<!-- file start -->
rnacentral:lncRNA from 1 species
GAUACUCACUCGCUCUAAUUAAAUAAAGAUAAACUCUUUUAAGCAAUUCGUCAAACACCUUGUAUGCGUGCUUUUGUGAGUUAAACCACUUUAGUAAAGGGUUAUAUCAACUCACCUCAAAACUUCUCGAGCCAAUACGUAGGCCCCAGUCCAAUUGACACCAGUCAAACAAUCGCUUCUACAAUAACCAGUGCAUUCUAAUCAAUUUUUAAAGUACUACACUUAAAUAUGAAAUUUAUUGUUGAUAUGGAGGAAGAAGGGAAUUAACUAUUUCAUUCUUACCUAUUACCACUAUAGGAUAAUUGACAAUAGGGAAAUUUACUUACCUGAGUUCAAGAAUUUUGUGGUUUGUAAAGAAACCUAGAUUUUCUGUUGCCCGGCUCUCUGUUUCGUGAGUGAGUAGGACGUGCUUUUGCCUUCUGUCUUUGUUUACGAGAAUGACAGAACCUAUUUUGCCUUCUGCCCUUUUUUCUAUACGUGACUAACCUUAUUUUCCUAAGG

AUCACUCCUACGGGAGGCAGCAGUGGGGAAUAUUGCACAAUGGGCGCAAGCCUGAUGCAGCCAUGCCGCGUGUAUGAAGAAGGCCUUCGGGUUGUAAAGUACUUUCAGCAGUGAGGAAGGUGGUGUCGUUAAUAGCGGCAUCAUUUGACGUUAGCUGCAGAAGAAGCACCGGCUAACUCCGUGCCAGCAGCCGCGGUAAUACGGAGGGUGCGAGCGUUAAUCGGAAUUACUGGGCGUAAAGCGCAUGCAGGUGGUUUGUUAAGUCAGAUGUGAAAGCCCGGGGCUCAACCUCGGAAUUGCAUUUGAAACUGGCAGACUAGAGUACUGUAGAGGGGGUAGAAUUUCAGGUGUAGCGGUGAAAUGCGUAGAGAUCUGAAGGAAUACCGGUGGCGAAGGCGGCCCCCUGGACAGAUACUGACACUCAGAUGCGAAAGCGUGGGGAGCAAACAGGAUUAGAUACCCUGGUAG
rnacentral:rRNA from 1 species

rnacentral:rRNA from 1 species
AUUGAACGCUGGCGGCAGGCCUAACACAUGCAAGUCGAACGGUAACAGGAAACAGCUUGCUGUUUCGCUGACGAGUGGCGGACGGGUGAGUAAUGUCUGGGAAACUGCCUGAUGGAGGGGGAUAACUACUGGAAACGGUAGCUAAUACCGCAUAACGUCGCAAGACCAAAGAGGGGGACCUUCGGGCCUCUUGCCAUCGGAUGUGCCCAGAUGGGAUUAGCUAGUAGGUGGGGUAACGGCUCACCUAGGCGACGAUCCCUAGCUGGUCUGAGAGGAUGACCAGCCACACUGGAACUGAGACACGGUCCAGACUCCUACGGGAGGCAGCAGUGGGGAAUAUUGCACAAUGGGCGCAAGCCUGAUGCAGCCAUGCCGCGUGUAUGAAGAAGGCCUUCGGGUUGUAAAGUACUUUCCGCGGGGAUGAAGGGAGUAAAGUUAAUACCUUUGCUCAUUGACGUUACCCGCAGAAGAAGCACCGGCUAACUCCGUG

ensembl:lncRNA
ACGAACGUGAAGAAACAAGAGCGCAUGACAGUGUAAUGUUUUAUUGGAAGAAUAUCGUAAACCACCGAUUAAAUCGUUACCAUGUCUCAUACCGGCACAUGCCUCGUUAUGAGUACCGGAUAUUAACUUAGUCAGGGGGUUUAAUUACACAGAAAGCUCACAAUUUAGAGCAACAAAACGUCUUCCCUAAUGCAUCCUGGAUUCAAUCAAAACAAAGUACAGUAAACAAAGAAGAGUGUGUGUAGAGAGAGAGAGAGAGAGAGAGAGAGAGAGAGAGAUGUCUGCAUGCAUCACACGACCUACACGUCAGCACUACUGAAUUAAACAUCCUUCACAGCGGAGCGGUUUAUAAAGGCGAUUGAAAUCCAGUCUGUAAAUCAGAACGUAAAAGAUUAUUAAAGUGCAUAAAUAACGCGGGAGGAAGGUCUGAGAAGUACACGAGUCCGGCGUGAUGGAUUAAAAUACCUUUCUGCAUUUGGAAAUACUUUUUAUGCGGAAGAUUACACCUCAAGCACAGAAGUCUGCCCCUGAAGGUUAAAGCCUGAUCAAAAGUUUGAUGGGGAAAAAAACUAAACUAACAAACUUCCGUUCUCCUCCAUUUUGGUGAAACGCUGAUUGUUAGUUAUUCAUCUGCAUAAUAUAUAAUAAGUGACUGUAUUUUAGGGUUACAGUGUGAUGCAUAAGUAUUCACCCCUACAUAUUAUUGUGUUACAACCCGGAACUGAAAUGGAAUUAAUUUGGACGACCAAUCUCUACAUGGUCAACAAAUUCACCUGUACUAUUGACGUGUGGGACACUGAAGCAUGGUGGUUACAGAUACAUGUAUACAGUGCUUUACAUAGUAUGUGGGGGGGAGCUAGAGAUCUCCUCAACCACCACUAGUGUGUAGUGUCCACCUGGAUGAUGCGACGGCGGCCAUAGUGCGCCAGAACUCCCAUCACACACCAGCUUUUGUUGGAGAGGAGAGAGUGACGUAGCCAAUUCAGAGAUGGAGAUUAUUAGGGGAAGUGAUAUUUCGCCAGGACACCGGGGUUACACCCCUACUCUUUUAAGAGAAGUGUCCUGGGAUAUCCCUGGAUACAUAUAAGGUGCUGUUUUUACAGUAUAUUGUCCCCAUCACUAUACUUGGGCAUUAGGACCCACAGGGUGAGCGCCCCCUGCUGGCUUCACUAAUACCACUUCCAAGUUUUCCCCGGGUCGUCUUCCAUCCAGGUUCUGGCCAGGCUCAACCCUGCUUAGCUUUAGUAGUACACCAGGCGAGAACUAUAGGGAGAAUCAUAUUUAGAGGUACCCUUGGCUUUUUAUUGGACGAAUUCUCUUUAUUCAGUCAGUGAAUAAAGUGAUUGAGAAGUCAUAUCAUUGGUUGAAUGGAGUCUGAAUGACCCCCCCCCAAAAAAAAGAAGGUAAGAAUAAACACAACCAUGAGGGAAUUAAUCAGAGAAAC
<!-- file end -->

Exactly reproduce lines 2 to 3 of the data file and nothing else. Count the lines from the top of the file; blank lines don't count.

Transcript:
GAUACUCACUCGCUCUAAUUAAAUAAAGAUAAACUCUUUUAAGCAAUUCGUCAAACACCUUGUAUGCGUGCUUUUGUGAGUUAAACCACUUUAGUAAAGGGUUAUAUCAACUCACCUCAAAACUUCUCGAGCCAAUACGUAGGCCCCAGUCCAAUUGACACCAGUCAAACAAUCGCUUCUACAAUAACCAGUGCAUUCUAAUCAAUUUUUAAAGUACUACACUUAAAUAUGAAAUUUAUUGUUGAUAUGGAGGAAGAAGGGAAUUAACUAUUUCAUUCUUACCUAUUACCACUAUAGGAUAAUUGACAAUAGGGAAAUUUACUUACCUGAGUUCAAGAAUUUUGUGGUUUGUAAAGAAACCUAGAUUUUCUGUUGCCCGGCUCUCUGUUUCGUGAGUGAGUAGGACGUGCUUUUGCCUUCUGUCUUUGUUUACGAGAAUGACAGAACCUAUUUUGCCUUCUGCCCUUUUUUCUAUACGUGACUAACCUUAUUUUCCUAAGG

AUCACUCCUACGGGAGGCAGCAGUGGGGAAUAUUGCACAAUGGGCGCAAGCCUGAUGCAGCCAUGCCGCGUGUAUGAAGAAGGCCUUCGGGUUGUAAAGUACUUUCAGCAGUGAGGAAGGUGGUGUCGUUAAUAGCGGCAUCAUUUGACGUUAGCUGCAGAAGAAGCACCGGCUAACUCCGUGCCAGCAGCCGCGGUAAUACGGAGGGUGCGAGCGUUAAUCGGAAUUACUGGGCGUAAAGCGCAUGCAGGUGGUUUGUUAAGUCAGAUGUGAAAGCCCGGGGCUCAACCUCGGAAUUGCAUUUGAAACUGGCAGACUAGAGUACUGUAGAGGGGGUAGAAUUUCAGGUGUAGCGGUGAAAUGCGUAGAGAUCUGAAGGAAUACCGGUGGCGAAGGCGGCCCCCUGGACAGAUACUGACACUCAGAUGCGAAAGCGUGGGGAGCAAACAGGAUUAGAUACCCUGGUAG